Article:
Brett Neely

Updated at 4:30 p.m. ET

Amid an unceasing series of revelations about alleged ethical misconduct, Environmental Protection Agency Administrator Scott Pruitt is rapidly losing support with influential Republican lawmakers and conservatives who, until now, have strongly backed Pruitt and the pro-fossil fuel deregulatory agenda he's implemented.

Updated at 8:30 p.m. ET

Facebook CEO Mark Zuckerberg will testify on Capitol Hill on April 10 and 11 before the a joint hearing of the Senate Judiciary and Commerce Committees, followed by one before the House Energy and Commerce Committee, to answer questions about how the company protects its users' data.

Updated at 1:15 a.m. ET Thursday

An Amtrak train carrying House and Senate Republicans to their annual retreat in West Virginia struck a garbage truck Wednesday morning near Charlottesville, Va.

At least one person was killed, according to a statement released by White House press secretary Sarah Huckabee Sanders.

Updated at 9:00 a.m.

Reaction to President Trump's first State of the Union speech followed the familiar choose-your-own-partisan-narrative script that's dominated political life since the 2016 election.

Republican members of Congress frequently offered safe, predictable praise particularly around economic policy. Said Senate Majority Leader Mitch McConnell, R-Ky.: "We're coming out of this economic funk that we were in throughout the Obama years and the president was right to talk about it and to take some credit for the direction America is heading in."

Updated at 10:01 p.m. ET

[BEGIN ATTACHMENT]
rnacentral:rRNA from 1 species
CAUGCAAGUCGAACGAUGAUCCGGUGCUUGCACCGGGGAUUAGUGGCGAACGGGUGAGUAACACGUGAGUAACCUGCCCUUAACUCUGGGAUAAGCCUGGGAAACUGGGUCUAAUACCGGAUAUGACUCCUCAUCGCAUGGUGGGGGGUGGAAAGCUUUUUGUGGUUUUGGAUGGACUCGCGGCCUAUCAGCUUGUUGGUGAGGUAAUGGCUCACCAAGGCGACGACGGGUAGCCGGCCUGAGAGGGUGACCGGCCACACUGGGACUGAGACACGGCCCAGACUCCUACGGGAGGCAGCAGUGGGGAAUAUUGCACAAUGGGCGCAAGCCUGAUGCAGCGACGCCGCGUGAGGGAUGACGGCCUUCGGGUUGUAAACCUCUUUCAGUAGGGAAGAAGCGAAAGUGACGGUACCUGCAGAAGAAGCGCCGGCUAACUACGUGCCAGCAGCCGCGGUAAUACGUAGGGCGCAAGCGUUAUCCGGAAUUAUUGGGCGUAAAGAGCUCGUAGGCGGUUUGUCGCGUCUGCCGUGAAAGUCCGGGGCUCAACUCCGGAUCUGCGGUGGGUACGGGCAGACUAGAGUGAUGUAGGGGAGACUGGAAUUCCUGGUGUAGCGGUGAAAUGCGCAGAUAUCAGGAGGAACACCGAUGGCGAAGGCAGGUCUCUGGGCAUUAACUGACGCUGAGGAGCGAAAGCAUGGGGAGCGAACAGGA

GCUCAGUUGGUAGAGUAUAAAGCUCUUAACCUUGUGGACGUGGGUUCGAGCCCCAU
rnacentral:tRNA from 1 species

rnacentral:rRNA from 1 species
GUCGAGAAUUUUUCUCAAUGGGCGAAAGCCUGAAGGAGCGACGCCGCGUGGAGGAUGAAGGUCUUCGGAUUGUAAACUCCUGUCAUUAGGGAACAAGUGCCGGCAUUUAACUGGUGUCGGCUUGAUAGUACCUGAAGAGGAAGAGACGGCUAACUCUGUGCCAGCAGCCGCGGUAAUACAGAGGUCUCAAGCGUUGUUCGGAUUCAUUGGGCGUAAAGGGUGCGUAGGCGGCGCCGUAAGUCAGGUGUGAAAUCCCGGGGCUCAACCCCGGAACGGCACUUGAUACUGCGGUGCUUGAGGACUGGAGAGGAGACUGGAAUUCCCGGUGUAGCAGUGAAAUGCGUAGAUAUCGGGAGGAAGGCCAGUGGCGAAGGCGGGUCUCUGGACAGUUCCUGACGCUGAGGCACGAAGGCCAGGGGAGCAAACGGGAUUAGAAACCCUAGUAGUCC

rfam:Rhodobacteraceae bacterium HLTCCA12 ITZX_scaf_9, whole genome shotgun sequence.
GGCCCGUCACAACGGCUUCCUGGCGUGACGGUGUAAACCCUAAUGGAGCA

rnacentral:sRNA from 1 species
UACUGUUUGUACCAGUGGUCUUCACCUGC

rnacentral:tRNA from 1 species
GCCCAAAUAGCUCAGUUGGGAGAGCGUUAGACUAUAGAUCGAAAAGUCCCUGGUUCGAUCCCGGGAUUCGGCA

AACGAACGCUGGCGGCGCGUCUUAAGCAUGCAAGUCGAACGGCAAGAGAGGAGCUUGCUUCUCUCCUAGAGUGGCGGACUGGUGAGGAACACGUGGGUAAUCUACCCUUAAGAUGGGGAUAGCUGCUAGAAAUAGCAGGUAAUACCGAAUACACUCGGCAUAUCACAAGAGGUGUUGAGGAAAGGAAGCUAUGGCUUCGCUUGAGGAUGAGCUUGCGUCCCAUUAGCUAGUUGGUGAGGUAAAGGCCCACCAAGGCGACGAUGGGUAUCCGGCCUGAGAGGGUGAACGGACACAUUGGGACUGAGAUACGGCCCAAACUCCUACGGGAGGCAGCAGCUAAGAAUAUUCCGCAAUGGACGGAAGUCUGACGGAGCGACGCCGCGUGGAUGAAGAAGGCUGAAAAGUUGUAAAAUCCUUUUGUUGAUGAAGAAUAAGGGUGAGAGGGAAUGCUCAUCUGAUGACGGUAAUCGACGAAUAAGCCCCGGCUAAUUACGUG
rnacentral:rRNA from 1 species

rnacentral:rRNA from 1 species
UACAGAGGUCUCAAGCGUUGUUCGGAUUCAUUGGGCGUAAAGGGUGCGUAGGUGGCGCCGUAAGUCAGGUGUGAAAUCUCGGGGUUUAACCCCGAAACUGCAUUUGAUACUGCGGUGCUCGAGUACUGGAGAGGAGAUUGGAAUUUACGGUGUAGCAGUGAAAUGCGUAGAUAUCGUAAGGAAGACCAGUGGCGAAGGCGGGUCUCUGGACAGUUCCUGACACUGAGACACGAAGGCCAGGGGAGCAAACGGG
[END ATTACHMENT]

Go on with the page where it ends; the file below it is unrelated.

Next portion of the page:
The Senate will vote at noon on Monday to end the government shutdown. Senate Majority Leader Mitch McConnell took to the floor Sunday evening and laid out a plan to restore government funding for three weeks and consider immigration proposals, while bipartisan talks continue to end the impasse that has triggered a partial government shutdown since Friday night.

Senate Minority Leader Chuck Schumer objected to a vote on Sunday evening, but not the plan to vote on Monday.

For 20-odd hours, Virginia Democrats were giddy with the news that a recount had delivered Shelly Simonds a seat in the House of Delegates with a victory margin of a single vote. The Democratic win would mean a 50-50 party split in the House of Delegates, ending 17 years of Republican control and forcing a rare power-sharing agreement.

In odd-numbered years, Election Day consists of a hodgepodge of state, local and special elections.

But in an era when, to flip an old phrase, all politics is national, these low-profile, low-turnout elections might have a lot more to say about the direction of the country than may have been the case just a few years ago.

Two governors races and one president in the background

When West Virginia Gov. Jim Justice stood next to President Trump during a campaign rally in Huntington, W.Va., on Thursday to announce that he was switching parties and becoming a Republican, it was a historic moment for the GOP.

Kid Rock, the singer whose career has spanned rap, hard rock and country music, is fueling the speculation that he intends to announce a bid for the U.S. Senate next year to challenge incumbent Democrat Debbie Stabenow of Michigan. That is unless it's all a publicity stunt.

A day after shocking the political and foreign policy establishments on both sides of the aisle with a call for Russia to hack into Democratic presidential nominee Hillary Clinton's email, Republican nominee Donald Trump now says he was being "sarcastic."

Less than 24 hours earlier, Trump said he would welcome Russian hackers releasing any emails they could "find" from the private email server Clinton used while serving as secretary of state.

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